I don’t know if this is accurate… but I no longer felt comfortable saying that K. was excommunicated for writing the book.Report

    • Alex Knapp in reply to Jaybird says:

      He wasn’t. The book was highly regarded among the Orthodox Church, actually. I adore “The Last Temptation of Christ.”Report

      • RTod in reply to Alex Knapp says:

        Thanks you for that. I loved the book, and it brought me closer to becoming Christian than anything else I have ever come across. I have never been able to understand why it has a reputation for being hated by Christians. It’s good to know that it isn’t.Report

    • Mike Schilling in reply to Jaybird says:

      Also, the book was proscribed by the RCC. This is something that I don’t begin to understand, not being a Christian. The notion that Christ was tempted, not with melodramatic stuff like being the king of the world, but with having a wife and children and knowing human love, seems sweet and touching. What makes it blasphemous?Report

      • Jaybird in reply to Mike Schilling says:

        It changes a lot of things from the way that they were presented in the Gospels… for example, the temptation in the wilderness is significantly different (I also think that the temptations in K.’s book are much more tempting than the ones in the Gospels but I am a base person).

        They also changed the discussion with Pilate (one of my drafts included this video and then got into a digression about David Bowie that ended up talking about Labyrinth).

        • Mike Schilling in reply to Jaybird says:

          Well, something that changed the story of Elijah or Moses to make a point wouldn’t be particularly offensive to Jews (unless the point was something offensive.) But perhaps that’s quite different, I dunno. I lack the particular sensitivity Christians have about That Guy.Report

  6. BSK says:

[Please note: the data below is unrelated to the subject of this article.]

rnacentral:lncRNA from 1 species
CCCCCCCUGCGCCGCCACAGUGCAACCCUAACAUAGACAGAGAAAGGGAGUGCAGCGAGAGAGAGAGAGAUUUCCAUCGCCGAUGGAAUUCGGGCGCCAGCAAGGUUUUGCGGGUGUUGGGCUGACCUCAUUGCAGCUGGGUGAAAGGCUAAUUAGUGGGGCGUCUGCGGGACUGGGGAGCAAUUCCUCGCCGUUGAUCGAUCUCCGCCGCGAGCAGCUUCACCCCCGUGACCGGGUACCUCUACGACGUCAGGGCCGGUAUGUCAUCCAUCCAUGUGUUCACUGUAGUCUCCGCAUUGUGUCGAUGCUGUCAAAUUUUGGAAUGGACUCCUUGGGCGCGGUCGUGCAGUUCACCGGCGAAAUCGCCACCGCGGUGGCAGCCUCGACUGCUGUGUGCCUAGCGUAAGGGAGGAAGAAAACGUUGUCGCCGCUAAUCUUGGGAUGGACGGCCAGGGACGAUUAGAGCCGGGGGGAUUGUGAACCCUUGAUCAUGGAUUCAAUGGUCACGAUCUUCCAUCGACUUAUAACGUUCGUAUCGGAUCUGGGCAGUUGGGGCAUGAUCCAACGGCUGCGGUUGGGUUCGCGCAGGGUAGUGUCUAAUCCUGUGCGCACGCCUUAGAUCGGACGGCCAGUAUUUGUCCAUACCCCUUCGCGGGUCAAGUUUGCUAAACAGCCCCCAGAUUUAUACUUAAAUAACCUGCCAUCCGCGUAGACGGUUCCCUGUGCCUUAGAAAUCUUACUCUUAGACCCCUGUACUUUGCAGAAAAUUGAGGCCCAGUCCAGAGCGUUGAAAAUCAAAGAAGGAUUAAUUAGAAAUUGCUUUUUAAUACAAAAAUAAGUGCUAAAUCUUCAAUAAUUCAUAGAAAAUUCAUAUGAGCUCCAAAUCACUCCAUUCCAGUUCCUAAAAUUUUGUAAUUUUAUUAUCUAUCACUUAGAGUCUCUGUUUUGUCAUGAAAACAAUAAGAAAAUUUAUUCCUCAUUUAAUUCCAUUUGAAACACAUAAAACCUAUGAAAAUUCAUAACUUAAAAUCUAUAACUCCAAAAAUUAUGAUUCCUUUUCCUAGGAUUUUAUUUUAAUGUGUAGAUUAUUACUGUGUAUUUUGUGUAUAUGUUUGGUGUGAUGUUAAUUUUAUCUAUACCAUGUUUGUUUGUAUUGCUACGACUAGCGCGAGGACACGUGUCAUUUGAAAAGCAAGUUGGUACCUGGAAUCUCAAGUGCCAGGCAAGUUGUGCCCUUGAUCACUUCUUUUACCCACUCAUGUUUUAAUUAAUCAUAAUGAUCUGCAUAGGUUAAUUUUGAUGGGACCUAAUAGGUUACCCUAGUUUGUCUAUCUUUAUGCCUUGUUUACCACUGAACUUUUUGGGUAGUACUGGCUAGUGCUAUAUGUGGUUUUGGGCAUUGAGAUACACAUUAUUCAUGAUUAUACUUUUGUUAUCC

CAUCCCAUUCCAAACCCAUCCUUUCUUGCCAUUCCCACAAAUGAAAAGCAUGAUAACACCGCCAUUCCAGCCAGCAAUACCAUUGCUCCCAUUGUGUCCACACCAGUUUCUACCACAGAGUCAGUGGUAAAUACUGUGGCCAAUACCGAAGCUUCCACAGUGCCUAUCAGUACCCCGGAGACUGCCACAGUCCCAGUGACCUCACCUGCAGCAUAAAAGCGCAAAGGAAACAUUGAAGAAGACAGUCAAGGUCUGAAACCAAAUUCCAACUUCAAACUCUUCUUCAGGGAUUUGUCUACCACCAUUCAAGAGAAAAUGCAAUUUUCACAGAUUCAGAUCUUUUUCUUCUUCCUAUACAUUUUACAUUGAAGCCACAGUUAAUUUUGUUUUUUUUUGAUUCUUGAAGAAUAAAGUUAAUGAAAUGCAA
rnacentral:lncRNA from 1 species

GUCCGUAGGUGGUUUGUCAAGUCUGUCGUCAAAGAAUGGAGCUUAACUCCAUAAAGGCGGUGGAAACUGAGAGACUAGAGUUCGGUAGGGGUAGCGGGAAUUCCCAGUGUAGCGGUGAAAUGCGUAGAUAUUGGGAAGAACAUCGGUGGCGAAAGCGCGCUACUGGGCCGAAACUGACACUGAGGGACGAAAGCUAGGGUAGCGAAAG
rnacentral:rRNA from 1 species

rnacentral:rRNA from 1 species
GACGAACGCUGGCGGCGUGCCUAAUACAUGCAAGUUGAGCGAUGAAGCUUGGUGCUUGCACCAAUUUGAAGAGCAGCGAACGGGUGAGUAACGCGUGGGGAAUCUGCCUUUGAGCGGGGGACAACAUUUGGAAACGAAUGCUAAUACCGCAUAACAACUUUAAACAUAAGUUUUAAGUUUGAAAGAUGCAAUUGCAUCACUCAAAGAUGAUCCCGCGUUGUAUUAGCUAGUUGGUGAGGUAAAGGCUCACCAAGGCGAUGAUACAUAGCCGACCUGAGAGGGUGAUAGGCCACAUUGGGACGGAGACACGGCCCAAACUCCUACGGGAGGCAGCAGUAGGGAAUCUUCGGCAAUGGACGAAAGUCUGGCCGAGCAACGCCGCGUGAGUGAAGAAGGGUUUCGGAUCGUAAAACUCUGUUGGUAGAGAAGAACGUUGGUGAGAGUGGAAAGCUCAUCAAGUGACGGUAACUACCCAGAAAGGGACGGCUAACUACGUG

From Wikipedia:
    “Attack on Saint Michel theater, Paris

    On October 22, 1988, a French Christian fundamentalist group launched molotov cocktails inside the Parisian Saint Michel movie theater while it was showing the film. This attack injured thirteen people, four of whom were severely burned.[6][7] The Saint Michel theater was heavily damaged,[7] and reopened 3 years later after restoration. Following the attack, a representative of the film’s distributor, Universal International Pictures, said “The opponents of the film have largely won. They have massacred the film’s success, and they have scared the public.” Jack Lang, France’s Minister of Culture, went to the St.-Michel theater after the fire, and said, “Freedom of speech is threatened, and we must not be intimidated by such acts.”[7] The Archbishop of Paris, Jean-Marie Cardinal Lustiger, said “One doesn’t have the right to shock the sensibilities of millions of people for whom Jesus is more important than their father or mother.”[7] However, after the fire he condemned the attack, saying “You don’t behave as Christians but as enemies of Christ. From the Christian point of view, one doesn’t defend Christ with arms. Christ himself forbade it.”[7] The leader of Christian Solidarity, a Roman Catholic group that had promised to stop the film from being shown, said, “We will not hesitate to go to prison if it is necessary.”[7]

    The attack was subsequently blamed on a Catholic fundamentalist group linked to Bernard Antony, a representative of the far-right National Front to the European Parliament in Strasbourg, and the excommunicated followers of Archbishop Marcel Lefebvre.[6] Similar attacks against theatres included graffiti, setting off tear-gas canisters and stink bombs, and assaulting filmgoers.[6] At least nine people believed to be members of the Catholic fundamentalist group were arrested.[6] Rene Remond, a historian, said of the Catholic far-right “It is the toughest component of the National Front and it is motivated more by religion than by politics. It has a coherent political philosophy that has not changed for 200 years: it is the rejection of the revolution, of the republic and of modernism.”[6]”

    While it may not have happened stateside, there certainly was violence associated with the protests.Report

  7. Matt says:

    If Piss Christ is art, then perhaps smashing it with a hammer is art as well. Who are we to distinguish between the two? By what standard can such a distinction be made?Report

    • BSK in reply to Matt says:


      If you make your own picture of Piss Christ and want to smash it, have at it. But smashing the property of another is criminal.Report

      • Matt in reply to BSK says:

        Oh, I’d agree. So, it’d be more like graffiti art. You might call it a bold step forward in that genre, actually.Report

        • BSK in reply to Matt says:

          Sure. But then you’re back to say, “I think what you did is wrong and will demonstrate the unacceptability of your actions by engaging in those exact actions myself.” Not really the best response.Report